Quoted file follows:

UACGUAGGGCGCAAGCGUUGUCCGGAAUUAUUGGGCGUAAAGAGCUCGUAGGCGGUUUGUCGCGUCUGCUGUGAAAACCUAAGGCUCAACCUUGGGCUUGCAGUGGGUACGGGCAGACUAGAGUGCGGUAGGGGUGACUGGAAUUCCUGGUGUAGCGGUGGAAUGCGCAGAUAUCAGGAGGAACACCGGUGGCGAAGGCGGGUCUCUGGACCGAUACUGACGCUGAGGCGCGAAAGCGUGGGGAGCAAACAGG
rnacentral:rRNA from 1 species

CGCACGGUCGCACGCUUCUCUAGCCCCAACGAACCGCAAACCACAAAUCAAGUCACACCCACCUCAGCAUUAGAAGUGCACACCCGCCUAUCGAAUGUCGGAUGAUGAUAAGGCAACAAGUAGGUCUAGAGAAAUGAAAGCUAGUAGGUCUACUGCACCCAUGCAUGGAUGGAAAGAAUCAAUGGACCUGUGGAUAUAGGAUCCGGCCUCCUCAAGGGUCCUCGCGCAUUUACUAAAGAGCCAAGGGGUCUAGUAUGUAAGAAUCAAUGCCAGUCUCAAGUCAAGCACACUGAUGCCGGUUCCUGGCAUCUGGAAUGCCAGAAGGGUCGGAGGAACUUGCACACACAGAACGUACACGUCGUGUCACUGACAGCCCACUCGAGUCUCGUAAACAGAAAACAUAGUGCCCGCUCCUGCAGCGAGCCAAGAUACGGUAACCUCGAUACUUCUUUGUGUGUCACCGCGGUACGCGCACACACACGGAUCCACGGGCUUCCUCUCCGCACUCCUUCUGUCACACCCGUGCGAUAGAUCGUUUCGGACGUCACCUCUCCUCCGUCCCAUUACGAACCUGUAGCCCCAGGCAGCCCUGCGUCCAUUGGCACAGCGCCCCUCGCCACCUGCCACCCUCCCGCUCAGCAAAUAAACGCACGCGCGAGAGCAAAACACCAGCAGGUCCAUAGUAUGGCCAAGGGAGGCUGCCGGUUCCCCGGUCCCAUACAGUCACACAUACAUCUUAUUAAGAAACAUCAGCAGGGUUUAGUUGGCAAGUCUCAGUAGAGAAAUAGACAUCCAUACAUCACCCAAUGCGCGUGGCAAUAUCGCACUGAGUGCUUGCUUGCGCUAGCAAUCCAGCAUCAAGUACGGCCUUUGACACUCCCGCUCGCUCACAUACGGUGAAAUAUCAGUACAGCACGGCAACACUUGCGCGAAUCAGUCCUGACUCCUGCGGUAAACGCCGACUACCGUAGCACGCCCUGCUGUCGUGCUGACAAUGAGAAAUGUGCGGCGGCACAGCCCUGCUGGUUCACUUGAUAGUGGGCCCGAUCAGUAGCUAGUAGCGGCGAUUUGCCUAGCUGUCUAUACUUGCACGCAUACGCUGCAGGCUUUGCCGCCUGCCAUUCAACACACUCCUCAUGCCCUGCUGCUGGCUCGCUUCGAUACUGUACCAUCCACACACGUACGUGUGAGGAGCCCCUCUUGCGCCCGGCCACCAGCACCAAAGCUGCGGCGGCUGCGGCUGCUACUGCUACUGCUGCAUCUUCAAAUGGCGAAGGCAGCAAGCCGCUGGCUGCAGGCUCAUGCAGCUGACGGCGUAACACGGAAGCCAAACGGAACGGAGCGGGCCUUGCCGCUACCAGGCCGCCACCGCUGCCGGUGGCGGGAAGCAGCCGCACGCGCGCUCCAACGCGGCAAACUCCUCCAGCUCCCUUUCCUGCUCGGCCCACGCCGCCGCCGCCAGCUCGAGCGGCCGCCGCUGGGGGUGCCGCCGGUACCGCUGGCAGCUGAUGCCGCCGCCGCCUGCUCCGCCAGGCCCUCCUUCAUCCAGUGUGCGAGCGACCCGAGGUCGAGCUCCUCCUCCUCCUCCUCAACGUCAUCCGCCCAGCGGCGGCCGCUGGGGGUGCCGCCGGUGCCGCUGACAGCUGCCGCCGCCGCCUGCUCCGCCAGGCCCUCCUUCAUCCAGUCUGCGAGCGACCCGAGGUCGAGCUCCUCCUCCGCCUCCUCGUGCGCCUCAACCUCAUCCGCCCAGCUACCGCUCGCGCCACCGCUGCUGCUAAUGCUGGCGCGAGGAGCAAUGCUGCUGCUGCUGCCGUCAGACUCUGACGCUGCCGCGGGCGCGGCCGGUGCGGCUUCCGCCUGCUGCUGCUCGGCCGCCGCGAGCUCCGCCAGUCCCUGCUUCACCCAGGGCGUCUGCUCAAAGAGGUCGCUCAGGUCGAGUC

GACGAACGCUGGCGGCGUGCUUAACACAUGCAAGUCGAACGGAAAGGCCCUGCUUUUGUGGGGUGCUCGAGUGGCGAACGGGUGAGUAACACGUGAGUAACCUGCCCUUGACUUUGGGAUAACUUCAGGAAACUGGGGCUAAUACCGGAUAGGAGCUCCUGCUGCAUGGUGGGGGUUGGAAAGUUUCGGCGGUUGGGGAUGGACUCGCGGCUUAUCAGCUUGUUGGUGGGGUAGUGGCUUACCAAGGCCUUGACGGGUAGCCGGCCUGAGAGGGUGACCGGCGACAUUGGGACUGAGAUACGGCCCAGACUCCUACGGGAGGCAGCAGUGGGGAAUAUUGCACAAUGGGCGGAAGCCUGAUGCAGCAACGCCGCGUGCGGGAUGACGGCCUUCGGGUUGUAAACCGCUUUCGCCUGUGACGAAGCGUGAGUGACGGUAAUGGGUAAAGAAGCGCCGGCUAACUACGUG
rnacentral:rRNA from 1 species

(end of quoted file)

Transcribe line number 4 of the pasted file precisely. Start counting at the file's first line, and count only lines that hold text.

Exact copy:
GACGAACGCUGGCGGCGUGCUUAACACAUGCAAGUCGAACGGAAAGGCCCUGCUUUUGUGGGGUGCUCGAGUGGCGAACGGGUGAGUAACACGUGAGUAACCUGCCCUUGACUUUGGGAUAACUUCAGGAAACUGGGGCUAAUACCGGAUAGGAGCUCCUGCUGCAUGGUGGGGGUUGGAAAGUUUCGGCGGUUGGGGAUGGACUCGCGGCUUAUCAGCUUGUUGGUGGGGUAGUGGCUUACCAAGGCCUUGACGGGUAGCCGGCCUGAGAGGGUGACCGGCGACAUUGGGACUGAGAUACGGCCCAGACUCCUACGGGAGGCAGCAGUGGGGAAUAUUGCACAAUGGGCGGAAGCCUGAUGCAGCAACGCCGCGUGCGGGAUGACGGCCUUCGGGUUGUAAACCGCUUUCGCCUGUGACGAAGCGUGAGUGACGGUAAUGGGUAAAGAAGCGCCGGCUAACUACGUG